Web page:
Biden administration begins throwing out Medicaid work rules

Only work requirements in Arkansas and New Hampshire were revoked on Wednesday, according to an official at the Department of Health and Human Services. Officials in those states did not immediately return a request for comment.

The Trump administration in 2018 issued guidance letting states, for the first time, to implement work rules in the Medicaid program, contending it would incentivize healthy people to find employment. Democrats argued the work rules were designed to shrink the safety net health program’s rolls, and courts have blocked the rules where they have been challenged.

The Biden administration last month began the process of eliminating work rules in the roughly dozen states where they had been approved. The states, which are predominantly Republican-led, were given until last Friday to submit information to CMS defending the work rules. In some states, Democratic governors inherited work rules from their GOP predecessors but sought to avoid enforcing them.

In letters the Centers for Medicare and Medicaid Services sent to states last month, the agency said it had preliminarily determined that the work rules do “not promote the objectives of the Medicaid program.” CMS pointed to the pandemic as the reason for unwinding the work requirement, arguing the agency has “serious concerns” about a policy that risks causing a “substantial loss of health care coverage.”

Last week, HHS released a report highlighting negative impacts of state work rules and other conservative policies approved by the previous administration. The report cited studies finding that work rules can lead to “significant” coverage losses and make it harder for people to get care, without actually improving employment.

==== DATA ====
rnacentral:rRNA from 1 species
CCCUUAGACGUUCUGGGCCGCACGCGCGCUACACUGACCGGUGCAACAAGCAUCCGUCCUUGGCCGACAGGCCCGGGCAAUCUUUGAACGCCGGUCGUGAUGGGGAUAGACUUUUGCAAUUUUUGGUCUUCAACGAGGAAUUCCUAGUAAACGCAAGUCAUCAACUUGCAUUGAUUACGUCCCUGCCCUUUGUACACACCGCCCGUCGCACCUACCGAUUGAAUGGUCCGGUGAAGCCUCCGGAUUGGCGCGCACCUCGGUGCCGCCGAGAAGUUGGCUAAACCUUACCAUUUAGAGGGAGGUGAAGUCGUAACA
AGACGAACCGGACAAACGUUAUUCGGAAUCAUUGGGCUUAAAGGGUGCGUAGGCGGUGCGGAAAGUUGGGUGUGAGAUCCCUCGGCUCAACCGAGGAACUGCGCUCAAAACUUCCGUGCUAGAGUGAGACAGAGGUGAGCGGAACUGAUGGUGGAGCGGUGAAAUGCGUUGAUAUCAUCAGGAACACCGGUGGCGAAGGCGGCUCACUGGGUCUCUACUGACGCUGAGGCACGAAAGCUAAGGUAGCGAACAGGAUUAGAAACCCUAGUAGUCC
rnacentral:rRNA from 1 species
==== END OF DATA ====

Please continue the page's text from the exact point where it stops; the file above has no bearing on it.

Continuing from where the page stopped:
In Arkansas, the only state where work rules ever fully took effect, more than 18,000 people lost Medicaid coverage during a brief stretch in 2018 before a judge halted the policy.

“Obstacles to finding new employment have likely grown even larger during the pandemic-related economic downturn of the past year, particularly since job and income losses have been highest among low-income and minority workers, who are disproportionately enrolled in Medicaid,” the HHS report reads.

At least seven states defended their policies in recent letters to CMS, noting that states were effectively barred from enforcing work rules during the pandemic. Before that, many states had halted their work rules after courts had ruled against the policies.

Some states indicated to CMS they would challenge a decision to revoke the work rules. That includes Georgia, which in October received the Trump administration’s permission to partially expand Medicaid to low-income adults along with a work requirement.

Arkansas’ top Medicaid official argued that moving too hastily to revoke the state’s program would violate a previous agreement it made with the Trump administration. She also asked for another two months to respond to the Biden administration’s initial letter.

“Our attorneys advise that without sufficient time to properly respond, any corresponding decision by CMS would be arbitrary, capricious, and otherwise not in accordance with the law,” Medicaid Director Dawn Stehle wrote to CMS Acting Administrator Elizabeth Richter.

Arkansas is among the states that signed agreements with the Trump administration in January that were meant to significantly slow down Biden’s efforts to revoke work rules and other conservative Medicaid policies. The Biden administration said it doesn’t believe those agreements are legally binding, though Stehle disagreed in her letter.

CMS letters to Arkansas and New Hampshire on Wednesday said withdrawal of the work rule approvals would take effect within 30 days. States can appeal the decisions to the agency.

The Biden administration had asked the Supreme Court to cancel the work rules case, citing its plans to drop the policy. The Supreme Court last week called off a scheduled March 29 hearing, but it didn’t dismiss the case. The high court asked the Department of Justice to provide a written brief on its request for dismissal by March 22.